6 Steps To Effectively Appeal A Claim

In a perfect world all submitted claims would be processed and paid, on the first submission.  But anyone in the billing world knows that is not how it works.  Many claims are processed and paid on the first submission, but some are not.  The ones that are not need to be dealt with. Some just need to have a minor correction and resubmitted, but some need to be appealed.

What does it take to successfully appeal a claim? 

  1. Have a process in place  –  knowing how to file an appeal and having a process in place for the most commonly filed appeals is key.  It will save time and frustration.  When a process is already in place, it makes preparing and filing the appeal much easier.
  2. File the appeal as quickly as possible  –  most insurances have a time limit on when appeals can be filed.  The quicker the appeal is filed, the better.  If for any reason the appeal was not received, it can be resubmitted if there is enough time.  If the appeal is filed quickly, it allows for these types of issues.
  3. Identify the reason for the appeal  –  make sure that the appeal is noted as an appeal and that the reason for the appeal is clearly stated on the first page of the appeal.  If the insurance carrier has a specific form, use that form and make sure to check the appropriate reason for appeal.  If no form is available attach a letter or cover sheet identifying that the claim is being appealed and why.
  4. Attach any/all documentation to support the appeal  –  the more documentation supporting the appeal, the more likely to receive a favorable response.   For example, on a timely filing appeal, attach any clearinghouse reports, practice management reports, and/or USPS reports showing when the claim was submitted.  Also attach a letter explaining any delays.  When submitting an appeal because the doctor disagrees with a service/procedure being denied for medical necessity, attach all medical records, a statement from the doctor explaining his/her argument, and any medical documentation supporting the service/procedure for the diagnosis.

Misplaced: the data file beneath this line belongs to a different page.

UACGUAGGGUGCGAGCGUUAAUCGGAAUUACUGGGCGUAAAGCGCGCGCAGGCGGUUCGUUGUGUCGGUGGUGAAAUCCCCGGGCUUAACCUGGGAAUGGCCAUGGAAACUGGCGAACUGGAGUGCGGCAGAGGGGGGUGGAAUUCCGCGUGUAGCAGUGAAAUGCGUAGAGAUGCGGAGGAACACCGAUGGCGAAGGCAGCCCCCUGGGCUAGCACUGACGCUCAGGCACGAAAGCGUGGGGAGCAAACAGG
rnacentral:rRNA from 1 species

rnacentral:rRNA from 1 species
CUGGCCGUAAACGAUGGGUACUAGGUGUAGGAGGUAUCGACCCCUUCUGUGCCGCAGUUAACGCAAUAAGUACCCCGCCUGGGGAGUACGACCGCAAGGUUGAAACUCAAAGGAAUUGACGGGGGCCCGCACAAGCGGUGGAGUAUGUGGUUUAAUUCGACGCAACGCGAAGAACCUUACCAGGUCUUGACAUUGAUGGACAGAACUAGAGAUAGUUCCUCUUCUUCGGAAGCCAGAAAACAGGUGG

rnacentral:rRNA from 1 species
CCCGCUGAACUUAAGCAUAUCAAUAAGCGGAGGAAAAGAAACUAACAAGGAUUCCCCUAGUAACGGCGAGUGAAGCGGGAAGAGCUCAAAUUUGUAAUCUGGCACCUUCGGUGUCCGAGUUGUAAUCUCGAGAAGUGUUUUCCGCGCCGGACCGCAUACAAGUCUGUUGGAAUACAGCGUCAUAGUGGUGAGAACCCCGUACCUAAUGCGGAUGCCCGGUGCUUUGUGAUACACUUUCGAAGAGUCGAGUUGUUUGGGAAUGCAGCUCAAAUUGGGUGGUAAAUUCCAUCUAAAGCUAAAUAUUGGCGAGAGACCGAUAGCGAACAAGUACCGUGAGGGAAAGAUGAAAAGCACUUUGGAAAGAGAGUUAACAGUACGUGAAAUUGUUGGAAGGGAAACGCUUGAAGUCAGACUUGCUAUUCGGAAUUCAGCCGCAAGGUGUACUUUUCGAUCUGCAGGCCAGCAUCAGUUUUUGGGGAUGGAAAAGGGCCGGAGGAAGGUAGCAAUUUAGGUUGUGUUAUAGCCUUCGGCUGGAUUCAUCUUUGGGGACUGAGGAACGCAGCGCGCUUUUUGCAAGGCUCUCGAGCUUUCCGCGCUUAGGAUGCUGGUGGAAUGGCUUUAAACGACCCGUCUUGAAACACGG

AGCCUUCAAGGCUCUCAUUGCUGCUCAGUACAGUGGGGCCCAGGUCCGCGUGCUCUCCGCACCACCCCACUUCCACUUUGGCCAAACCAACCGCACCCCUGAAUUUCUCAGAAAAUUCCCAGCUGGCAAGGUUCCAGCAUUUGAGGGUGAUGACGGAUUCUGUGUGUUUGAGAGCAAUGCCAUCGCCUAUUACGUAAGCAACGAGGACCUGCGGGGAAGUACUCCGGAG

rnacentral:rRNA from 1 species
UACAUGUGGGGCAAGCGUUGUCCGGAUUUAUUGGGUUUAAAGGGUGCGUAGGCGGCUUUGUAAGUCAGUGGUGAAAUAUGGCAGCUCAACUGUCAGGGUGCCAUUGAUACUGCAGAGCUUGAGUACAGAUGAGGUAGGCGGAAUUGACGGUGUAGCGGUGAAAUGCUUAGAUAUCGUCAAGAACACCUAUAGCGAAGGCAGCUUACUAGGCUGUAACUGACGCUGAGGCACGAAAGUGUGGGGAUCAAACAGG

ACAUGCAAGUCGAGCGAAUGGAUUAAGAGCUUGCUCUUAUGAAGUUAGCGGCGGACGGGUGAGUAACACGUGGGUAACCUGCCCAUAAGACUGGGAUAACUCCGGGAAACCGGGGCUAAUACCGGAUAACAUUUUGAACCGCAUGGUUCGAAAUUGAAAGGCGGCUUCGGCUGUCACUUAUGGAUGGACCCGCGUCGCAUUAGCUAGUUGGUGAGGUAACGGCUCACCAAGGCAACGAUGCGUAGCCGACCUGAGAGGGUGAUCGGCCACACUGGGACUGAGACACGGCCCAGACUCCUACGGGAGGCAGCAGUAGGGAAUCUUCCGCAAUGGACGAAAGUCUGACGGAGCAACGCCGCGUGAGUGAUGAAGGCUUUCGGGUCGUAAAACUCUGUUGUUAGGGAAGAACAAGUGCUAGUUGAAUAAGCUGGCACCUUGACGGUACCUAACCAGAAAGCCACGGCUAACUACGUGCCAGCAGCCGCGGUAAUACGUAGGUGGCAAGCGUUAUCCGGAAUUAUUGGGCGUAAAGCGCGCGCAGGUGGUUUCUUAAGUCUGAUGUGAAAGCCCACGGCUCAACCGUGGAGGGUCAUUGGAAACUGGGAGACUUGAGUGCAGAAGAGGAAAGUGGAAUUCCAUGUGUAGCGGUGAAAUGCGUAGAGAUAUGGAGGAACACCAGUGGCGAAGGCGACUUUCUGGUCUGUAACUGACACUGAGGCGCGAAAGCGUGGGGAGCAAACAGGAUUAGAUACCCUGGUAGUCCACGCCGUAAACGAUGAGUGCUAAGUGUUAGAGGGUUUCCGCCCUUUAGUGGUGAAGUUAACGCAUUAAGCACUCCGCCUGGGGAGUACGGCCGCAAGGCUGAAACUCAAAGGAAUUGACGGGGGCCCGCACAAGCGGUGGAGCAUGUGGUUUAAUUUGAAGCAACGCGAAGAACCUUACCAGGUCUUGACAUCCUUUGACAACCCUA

5. Note the patient’s file  –  make sure to document when the appeal was filed and how it was filed.  It is also a good idea to keep a copy of the appeal (electronically) so that it can be referenced if needed. 
  6. Follow up  –  If a response to the appeal is not received in a timely manner, follow up with the insurance carrier to find out the status of the appeal.  Sometimes insurance carriers will state that they did not receive an appeal.  If a follow up is done, the appeal can be resubmitted.  Don’t just sit back and wait for a response.  Most insurance carriers respond to appeals within 30 days. 

Many providers do not appeal denied claims.  This can cause them to lose a lot of revenue.  Appeals do not have to be complicated.  Once a system is in place it doesn’t take that much effort.  Follow the six steps above and stop your practice/provider from losing revenue that they are entitled to.

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